Claire Lee: I think if you travel to Antarctica and it's hard and lonely, that would probably be similar.
Chris Castle: Yeah, right.
Claire Lee: It is extraordinarily hard.
Chris Castle: That's the truth, right? Everyone says that being a startup founder or CEO seems like such a public position but you hear from so many people that it's a really lonely thing to be a startup founder.
Claire Lee: Yeah, I mean look, it takes eight, ten years. That's a serious gestation period for anybody. I'm really proud of some of the clients that we've worked with and others that came out of Astia Global, one of these great resources for female co-founders. Astia, a lady called Surbhi Sarna who I met maybe eight years ago actually when I first moved to the Bay Area with Microsoft. She started nVision Medical, which is early detection of ovarian cancer, it's a device. She really struggled to raise money and even despite interventions, and introductions, I think she continued to struggle to raise money. Then I believe, was acquired by Boston Scientific or Boston Medical in 2018 for north of $200 million dollars.
Chris Castle: Wow.
Claire Lee: Amazing and rare. Not everybody is going to have that outcome, in fact I think the large majority in the next decade will probably see embracing alternative methods of financing, one of them of course being debt finance, which is what we do.
Chris Castle: Right, yeah.
Claire Lee: As I said, SVB pioneered this category of venture debt, which is putting debt beside the equity because equity is actually really expensive capital when you think about going out and doing your product development, and you're prototyping, and acquiring your clients, and your employees, and building the infrastructure. Our goal is really twofold. We're trying to reduce the cost of formation and operation and then we're trying to increase your probability and accelerate your trajectory of success with the access to customers and really helping you grow your company faster and cheaper than you would and hence, mitigate the risk of going out of business. Look, I think it's not for everybody.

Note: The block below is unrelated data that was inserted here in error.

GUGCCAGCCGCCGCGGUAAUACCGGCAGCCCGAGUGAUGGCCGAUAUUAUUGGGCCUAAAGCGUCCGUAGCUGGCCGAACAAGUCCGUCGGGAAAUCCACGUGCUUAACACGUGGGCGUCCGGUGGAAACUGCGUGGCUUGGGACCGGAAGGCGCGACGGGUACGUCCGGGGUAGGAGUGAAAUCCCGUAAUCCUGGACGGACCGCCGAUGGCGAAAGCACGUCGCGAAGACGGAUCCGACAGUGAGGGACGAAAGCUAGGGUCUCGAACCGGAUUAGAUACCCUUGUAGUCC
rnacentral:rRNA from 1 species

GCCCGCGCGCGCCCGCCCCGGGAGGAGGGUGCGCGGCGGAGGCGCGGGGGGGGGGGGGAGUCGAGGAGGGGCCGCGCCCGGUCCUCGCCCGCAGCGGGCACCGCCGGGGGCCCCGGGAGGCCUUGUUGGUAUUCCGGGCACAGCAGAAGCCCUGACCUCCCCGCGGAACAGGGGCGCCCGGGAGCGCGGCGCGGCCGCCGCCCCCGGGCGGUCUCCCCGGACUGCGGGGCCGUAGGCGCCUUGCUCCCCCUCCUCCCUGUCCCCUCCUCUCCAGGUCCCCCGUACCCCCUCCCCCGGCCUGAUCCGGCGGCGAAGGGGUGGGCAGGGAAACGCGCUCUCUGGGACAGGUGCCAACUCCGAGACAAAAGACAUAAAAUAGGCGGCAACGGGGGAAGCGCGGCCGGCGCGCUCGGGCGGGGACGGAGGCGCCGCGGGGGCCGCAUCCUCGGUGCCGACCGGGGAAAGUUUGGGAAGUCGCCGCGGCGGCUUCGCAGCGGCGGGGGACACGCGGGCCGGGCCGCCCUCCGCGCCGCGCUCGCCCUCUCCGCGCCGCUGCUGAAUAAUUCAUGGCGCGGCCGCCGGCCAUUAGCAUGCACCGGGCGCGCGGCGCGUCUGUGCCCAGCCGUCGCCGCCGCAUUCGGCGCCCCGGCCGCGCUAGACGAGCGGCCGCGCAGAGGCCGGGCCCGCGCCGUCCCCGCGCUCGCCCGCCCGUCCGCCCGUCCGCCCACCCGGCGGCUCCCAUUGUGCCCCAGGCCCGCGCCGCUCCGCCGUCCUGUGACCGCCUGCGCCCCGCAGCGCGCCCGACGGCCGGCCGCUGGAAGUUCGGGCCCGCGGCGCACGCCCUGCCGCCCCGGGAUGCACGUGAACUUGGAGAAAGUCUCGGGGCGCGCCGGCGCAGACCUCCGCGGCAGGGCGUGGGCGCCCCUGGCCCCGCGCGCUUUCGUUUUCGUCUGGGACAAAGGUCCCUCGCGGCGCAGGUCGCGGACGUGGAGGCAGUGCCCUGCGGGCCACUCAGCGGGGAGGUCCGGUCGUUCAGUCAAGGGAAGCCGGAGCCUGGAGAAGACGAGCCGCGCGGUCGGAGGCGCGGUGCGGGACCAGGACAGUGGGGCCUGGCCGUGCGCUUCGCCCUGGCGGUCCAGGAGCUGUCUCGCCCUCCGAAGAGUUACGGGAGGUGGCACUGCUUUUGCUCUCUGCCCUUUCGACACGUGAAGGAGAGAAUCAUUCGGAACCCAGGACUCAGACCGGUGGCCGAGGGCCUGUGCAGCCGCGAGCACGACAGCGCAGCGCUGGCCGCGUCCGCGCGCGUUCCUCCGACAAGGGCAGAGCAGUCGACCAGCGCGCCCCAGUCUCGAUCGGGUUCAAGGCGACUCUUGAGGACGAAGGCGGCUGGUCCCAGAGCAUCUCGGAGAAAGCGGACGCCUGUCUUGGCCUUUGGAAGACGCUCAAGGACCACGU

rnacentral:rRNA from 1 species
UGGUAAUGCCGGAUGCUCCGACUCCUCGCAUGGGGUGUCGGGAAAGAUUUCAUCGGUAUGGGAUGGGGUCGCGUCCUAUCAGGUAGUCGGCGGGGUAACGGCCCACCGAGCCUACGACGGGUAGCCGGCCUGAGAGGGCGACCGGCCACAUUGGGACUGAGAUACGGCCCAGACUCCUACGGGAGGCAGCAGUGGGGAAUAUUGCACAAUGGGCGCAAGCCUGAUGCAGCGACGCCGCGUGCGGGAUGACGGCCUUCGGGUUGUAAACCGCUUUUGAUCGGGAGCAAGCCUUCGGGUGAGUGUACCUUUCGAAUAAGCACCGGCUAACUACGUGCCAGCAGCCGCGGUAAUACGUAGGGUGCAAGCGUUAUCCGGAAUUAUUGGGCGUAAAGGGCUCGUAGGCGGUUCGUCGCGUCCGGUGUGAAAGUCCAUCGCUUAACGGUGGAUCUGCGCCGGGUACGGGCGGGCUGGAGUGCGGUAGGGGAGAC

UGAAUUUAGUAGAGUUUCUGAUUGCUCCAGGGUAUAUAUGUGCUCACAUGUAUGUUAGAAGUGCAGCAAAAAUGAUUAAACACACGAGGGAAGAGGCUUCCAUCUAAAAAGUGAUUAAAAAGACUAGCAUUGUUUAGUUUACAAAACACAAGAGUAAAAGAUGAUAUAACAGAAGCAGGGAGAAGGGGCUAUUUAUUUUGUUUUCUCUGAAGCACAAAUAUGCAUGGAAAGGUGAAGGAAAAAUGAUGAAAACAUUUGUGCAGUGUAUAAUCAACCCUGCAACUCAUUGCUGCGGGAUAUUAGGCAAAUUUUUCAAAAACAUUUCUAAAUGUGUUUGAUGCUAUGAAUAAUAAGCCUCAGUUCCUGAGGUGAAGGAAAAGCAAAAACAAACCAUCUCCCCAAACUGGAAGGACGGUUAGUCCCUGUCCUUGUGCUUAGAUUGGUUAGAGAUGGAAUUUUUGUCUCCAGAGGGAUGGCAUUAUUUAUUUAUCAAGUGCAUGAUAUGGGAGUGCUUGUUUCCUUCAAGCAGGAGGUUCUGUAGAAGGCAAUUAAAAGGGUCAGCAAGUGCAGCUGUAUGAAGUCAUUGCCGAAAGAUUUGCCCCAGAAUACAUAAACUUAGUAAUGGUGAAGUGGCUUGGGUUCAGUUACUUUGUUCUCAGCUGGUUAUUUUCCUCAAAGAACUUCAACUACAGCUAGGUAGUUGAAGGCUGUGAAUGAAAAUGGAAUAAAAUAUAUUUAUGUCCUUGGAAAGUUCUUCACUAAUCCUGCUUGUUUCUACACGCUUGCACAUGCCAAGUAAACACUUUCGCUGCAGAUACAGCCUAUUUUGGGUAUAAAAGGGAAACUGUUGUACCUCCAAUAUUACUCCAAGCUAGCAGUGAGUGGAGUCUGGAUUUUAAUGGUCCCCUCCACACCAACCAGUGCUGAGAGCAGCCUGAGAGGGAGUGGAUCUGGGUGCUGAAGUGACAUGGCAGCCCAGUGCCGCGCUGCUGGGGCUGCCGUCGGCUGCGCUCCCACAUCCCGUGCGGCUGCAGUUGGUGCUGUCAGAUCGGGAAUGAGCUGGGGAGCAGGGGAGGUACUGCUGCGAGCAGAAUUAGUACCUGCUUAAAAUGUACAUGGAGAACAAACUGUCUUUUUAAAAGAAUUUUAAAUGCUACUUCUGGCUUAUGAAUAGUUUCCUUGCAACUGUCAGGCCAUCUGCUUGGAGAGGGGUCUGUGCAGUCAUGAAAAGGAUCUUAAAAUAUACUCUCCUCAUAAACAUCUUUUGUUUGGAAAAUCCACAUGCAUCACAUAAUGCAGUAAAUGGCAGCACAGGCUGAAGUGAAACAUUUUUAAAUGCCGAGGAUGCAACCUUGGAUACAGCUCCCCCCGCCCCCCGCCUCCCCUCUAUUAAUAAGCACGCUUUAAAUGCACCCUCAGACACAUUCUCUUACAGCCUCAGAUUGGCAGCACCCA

Chris Castle: Yeah.
Claire Lee: Just to reel off some of the partnerships, I've mentioned some of them before, but apparently going through a name brand accelerator does increase your likelihood of raising a series A brand in the US so think about that. There's been a really great evolution of the likes of Tech Stars, Y Combinator, another one I love in the Bay Area at Stanford is actually a 501C3. They don't take equity and that is Star Techs, so if you have any affiliation with Stanford you can apply for that, it's a fantastic accelerator. Then you have a lot of other fantastic vertical accelerators and incubators. That's an increasing trend we're seeing so again, if you have a consumer idea, then you might want to go and hang out with others who have a consumer startup.
Chris Castle: Yeah, right. Makes sense.
Claire Lee: That builds in relevance. Second I think, when you think about access to capital, again, you don't have to go seeking equity from day one. There are really clever ways to do it. You can, as I said, open an account with SVB, you can incorporate using Stripe Atlas, there's credit card offerings and ways to grow really quite sensibly in the first few years and then go and look at burn rate calculators from our friends at LTSE. They have runway.io and captable.io, then there's Carta, formerly eShares. There's a lot of great companies who are really good at what they're doing, if it's either a functional area that they've just really nailed it like trying out HR in Gusto. Then you've got obviously, dev tools as we know on platforms, which help with distribution and customer acquisition. The mentors and the people you surround yourself with from day one hopefully are going to be people who absolutely believe in you. Use their Rolodex very actively to help you and identify things early on that just don't work. Taking advice is really tough, you need to understand which pieces of it you want to acknowledge and address, and which you want to ignore.
Chris Castle: Right.
Claire Lee: Just stay true to yourself, and stick to your guns, and get on with it. I think that's the tricky part, is really deciphering which is valuable.
Chris Castle: Advice is cheap, right? Yeah, it's easy for me to give my opinion and my advice, right? You have to figure out whose to take. Very often, it's conflicting.
Claire Lee: Yeah, probably the best way to success is to fail frequently. Then not fail one day. That's usually how these things are created through a lot of hard work and failure. I think it was Churchill who said success is going from failure to failure without any loss of enthusiasm, which is actually true. That goes for all of us I suppose.
Chris Castle: It seems like humans learn the most from failure not from big successes or constant success, frequent success.
Claire Lee: If you're not making mistakes you're not learning. If you're not learning, you're probably not going to succeed. It's ironic.
Chris Castle: Yeah, it is.
Claire Lee: It's painful.
Chris Castle: It's painful, right yeah, but it's required. It's a requirement of life and different pieces of life.
Claire Lee: Yes.